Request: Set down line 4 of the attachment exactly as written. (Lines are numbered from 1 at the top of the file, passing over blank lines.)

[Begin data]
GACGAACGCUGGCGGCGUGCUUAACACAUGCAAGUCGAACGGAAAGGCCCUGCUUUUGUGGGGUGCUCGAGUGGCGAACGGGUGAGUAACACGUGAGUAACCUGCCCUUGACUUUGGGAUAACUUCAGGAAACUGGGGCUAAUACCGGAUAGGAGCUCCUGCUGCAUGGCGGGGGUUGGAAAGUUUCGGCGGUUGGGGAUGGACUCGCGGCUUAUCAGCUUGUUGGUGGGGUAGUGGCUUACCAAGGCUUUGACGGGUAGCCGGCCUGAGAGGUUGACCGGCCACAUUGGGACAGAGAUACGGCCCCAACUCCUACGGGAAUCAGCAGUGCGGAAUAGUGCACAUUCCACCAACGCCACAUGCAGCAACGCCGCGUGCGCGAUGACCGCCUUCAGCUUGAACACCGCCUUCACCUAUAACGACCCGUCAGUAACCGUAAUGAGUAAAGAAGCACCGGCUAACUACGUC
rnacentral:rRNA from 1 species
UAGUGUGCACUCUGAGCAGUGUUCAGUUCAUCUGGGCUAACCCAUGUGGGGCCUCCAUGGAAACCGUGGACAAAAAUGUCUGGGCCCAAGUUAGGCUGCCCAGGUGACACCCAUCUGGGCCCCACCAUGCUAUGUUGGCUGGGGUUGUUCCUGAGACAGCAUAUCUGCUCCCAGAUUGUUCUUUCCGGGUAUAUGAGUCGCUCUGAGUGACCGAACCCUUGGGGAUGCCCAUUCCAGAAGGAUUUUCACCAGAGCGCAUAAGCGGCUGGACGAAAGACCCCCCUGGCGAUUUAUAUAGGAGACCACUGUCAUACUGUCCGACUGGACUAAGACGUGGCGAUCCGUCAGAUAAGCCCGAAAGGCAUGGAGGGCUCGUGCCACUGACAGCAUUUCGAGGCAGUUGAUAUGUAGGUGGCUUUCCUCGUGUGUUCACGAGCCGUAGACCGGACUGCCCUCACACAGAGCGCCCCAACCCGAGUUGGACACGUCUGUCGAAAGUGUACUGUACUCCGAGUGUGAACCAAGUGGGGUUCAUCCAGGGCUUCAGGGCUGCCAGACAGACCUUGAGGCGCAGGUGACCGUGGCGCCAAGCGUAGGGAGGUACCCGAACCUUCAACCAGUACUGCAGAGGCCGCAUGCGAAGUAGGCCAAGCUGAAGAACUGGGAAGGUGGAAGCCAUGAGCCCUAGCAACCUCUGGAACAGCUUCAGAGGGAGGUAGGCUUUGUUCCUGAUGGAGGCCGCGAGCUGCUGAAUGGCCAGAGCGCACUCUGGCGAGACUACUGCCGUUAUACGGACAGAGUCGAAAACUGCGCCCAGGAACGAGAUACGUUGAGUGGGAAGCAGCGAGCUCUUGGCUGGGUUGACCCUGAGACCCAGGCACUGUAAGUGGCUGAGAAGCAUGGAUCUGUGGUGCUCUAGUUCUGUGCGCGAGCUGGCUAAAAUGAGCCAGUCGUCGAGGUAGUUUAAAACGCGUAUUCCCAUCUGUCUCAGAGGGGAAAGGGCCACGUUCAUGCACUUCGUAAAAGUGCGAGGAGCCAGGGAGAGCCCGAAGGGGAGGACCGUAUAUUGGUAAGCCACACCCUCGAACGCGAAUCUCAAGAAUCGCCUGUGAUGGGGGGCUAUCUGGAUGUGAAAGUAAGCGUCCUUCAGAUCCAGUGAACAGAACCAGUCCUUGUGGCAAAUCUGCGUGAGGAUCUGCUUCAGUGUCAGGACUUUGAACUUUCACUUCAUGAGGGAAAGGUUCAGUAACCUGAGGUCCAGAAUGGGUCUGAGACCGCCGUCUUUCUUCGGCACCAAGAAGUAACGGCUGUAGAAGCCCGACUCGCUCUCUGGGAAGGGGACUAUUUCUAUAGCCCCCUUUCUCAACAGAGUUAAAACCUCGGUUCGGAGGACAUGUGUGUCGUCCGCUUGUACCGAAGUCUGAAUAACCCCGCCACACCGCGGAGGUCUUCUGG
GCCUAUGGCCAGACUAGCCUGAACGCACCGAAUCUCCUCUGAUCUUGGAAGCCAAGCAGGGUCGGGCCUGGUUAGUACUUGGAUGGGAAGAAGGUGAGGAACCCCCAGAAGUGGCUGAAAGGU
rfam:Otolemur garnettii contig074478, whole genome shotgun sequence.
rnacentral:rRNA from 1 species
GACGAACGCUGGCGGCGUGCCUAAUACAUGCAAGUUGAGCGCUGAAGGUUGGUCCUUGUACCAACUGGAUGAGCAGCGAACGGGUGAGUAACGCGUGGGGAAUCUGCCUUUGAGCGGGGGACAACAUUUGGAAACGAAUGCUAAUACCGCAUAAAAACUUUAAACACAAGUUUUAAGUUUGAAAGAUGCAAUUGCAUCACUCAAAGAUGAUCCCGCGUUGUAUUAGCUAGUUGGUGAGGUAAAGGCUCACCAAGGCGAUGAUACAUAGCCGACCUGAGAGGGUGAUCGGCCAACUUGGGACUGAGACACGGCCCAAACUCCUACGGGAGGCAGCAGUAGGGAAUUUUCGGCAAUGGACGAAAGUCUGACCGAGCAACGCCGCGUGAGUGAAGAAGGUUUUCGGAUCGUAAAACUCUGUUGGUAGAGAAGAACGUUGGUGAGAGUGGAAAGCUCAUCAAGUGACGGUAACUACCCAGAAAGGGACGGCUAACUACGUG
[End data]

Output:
GCCUAUGGCCAGACUAGCCUGAACGCACCGAAUCUCCUCUGAUCUUGGAAGCCAAGCAGGGUCGGGCCUGGUUAGUACUUGGAUGGGAAGAAGGUGAGGAACCCCCAGAAGUGGCUGAAAGGU